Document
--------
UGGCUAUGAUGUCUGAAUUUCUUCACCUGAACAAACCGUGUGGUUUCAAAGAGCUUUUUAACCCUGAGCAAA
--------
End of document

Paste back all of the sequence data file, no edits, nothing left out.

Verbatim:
UGGCUAUGAUGUCUGAAUUUCUUCACCUGAACAAACCGUGUGGUUUCAAAGAGCUUUUUAACCCUGAGCAAA